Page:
Why Buying a Hot Tub from a Home Show May Not be a Good Idea

We have learned from many customers how buying a hot tub from a home show can be quite unsatisfactory and frustrating. This piqued our interest as a topic we felt worth exploring. At Imagine Backyard Living, we are dedicated to understanding what’s important to the consumer so we can better communicate the pitfalls of buying a hot tub at a home show. Here is what we have learned:

  • While these venues can be good places to visit to get ideas, they are not a good place to make a purchase decision on a big-ticket item. Take time to investigate the dealer and the product before signing any contracts. Certainly do not put any sort of major deposit as a down payment. If you do make a down payment, make the amount very small and use a credit card so you have cancelation privileges. Get in writing that the exhibitor will give you the right to cancel with a full refund if you change your mind. Beware if they will not give you that right.
  • Many companies send professional sales teams to Home Shows that are accustomed to pressuring people to buy…its the only way the salesman makes any money. Oftentimes these high-pressure tactics lead to impulse purchases and significant buyer’s remorse.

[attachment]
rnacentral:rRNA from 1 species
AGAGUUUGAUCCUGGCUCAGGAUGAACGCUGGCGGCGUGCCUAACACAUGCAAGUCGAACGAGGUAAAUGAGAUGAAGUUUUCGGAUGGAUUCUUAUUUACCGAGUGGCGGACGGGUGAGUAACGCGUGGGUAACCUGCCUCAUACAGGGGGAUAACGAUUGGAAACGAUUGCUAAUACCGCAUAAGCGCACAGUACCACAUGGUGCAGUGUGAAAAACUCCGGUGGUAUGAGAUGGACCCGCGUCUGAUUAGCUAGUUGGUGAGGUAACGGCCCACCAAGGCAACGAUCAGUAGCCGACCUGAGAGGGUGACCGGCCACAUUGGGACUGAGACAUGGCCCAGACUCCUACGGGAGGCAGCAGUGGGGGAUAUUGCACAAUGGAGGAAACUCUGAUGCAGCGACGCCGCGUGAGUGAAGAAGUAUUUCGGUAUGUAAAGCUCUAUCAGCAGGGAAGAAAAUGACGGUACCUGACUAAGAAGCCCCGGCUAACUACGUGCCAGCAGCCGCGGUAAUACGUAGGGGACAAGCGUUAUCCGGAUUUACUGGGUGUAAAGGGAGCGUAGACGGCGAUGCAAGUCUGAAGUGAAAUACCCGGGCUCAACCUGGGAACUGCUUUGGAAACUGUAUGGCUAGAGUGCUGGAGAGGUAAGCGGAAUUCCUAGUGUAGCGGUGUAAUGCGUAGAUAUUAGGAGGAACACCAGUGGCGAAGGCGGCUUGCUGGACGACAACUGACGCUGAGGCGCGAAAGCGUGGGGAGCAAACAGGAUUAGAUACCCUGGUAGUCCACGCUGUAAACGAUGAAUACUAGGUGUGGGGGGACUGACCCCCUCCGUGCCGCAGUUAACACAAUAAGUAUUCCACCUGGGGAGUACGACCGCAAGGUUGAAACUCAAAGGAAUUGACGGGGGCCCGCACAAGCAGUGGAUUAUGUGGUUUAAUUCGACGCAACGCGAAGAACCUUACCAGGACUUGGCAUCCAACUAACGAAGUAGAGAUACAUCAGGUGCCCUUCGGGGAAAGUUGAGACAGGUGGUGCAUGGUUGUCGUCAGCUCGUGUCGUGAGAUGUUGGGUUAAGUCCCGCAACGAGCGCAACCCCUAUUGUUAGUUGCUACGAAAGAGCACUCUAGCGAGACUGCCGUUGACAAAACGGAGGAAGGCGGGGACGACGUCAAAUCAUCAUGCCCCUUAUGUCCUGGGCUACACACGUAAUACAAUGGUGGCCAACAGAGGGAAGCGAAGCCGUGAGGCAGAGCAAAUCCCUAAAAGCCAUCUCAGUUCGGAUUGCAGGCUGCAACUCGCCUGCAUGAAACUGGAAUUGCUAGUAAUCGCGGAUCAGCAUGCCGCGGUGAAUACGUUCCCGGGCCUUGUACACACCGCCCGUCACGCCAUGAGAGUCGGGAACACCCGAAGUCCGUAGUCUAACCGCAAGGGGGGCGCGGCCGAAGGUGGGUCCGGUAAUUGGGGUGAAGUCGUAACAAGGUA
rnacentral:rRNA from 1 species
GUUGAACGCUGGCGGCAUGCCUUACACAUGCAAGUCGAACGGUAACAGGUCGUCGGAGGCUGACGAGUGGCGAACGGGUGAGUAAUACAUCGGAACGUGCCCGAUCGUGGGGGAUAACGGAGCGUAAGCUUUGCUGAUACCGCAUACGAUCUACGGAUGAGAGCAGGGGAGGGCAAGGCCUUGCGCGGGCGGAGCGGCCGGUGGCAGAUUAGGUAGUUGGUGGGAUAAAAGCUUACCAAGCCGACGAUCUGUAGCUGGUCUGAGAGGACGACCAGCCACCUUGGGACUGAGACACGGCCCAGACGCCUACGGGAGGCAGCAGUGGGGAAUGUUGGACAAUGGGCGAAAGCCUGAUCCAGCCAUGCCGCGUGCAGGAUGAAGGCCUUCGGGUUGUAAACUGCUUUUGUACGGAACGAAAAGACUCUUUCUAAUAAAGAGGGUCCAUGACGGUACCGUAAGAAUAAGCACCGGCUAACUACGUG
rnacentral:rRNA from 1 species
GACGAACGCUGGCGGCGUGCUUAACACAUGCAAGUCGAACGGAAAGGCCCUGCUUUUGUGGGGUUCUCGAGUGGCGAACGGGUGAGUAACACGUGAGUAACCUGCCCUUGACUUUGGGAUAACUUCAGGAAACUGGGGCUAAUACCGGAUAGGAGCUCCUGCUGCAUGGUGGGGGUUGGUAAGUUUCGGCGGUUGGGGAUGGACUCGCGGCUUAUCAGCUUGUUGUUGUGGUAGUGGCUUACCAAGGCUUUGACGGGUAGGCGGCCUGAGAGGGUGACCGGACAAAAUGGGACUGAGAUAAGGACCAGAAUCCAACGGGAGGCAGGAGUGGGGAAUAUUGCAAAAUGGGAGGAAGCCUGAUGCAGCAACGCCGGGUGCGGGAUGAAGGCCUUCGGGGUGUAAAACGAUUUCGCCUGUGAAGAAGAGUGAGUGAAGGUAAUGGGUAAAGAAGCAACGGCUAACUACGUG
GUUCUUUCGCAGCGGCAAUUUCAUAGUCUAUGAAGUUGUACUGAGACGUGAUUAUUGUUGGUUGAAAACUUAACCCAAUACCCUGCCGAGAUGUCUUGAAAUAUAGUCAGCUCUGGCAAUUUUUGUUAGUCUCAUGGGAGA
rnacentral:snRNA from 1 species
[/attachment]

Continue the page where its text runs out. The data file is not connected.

• Most home shows post warnings to attendees to be careful and cautious of making purchases while there and that the Home Show does not stand behind any claims made by exhibitors.
  • Another area of concern is contracts versus verbal promises. It’s easy to get wrapped up in what you think is a “good deal” when surrounded by the excitement of a home show environment and a pressured sales pitch. One complaint we hear repeatedly is that the price and value of a perceived promise turns out later to be much different and even problematic when it comes to underlying dealers and contractual obligations. We have all seen recent stories of hot tub stores going out of business and leaving customers high and dry. Be sure you know who the dealer is and what type of history and experience they have in the Valley. Ask for references.
  • You can’t test soak before you buy. We are huge believers that you should know everything there is about a hot tub before investing in one. Who is the manufacturer? How long have they been around? We also recommend taking a test soak as a critical step to making a good decision. After all, you are investing in a hot tub for the hydrotherapy and soaking experience. Home Shows don’t offer this essential component. Would you buy a car by just sitting in it or looking at it? We think you will make a better decision by test driving it.
  • Who will service your after the product is delivered to your home? Are they certified by the factory? Hot tubs built by lesser known or unreliable brands are known to have lots of service issues and if you aren’t sure about the brand, or how it will be serviced, you likely are asking for lots of headaches and out of pocket costs down the road.

Although there may be some good things about home shows, it’s important to be wary of deals that are too good to be true and high pressure sales tactics. Many of these dealers do most all of their of their business at a home shows so they have to get lots of sales or they are in trouble. What’s most important is that you take your time and explore your options. This is a long-term investment that can quickly turn bad if you make an impulsive choice by a high pressure sales person.

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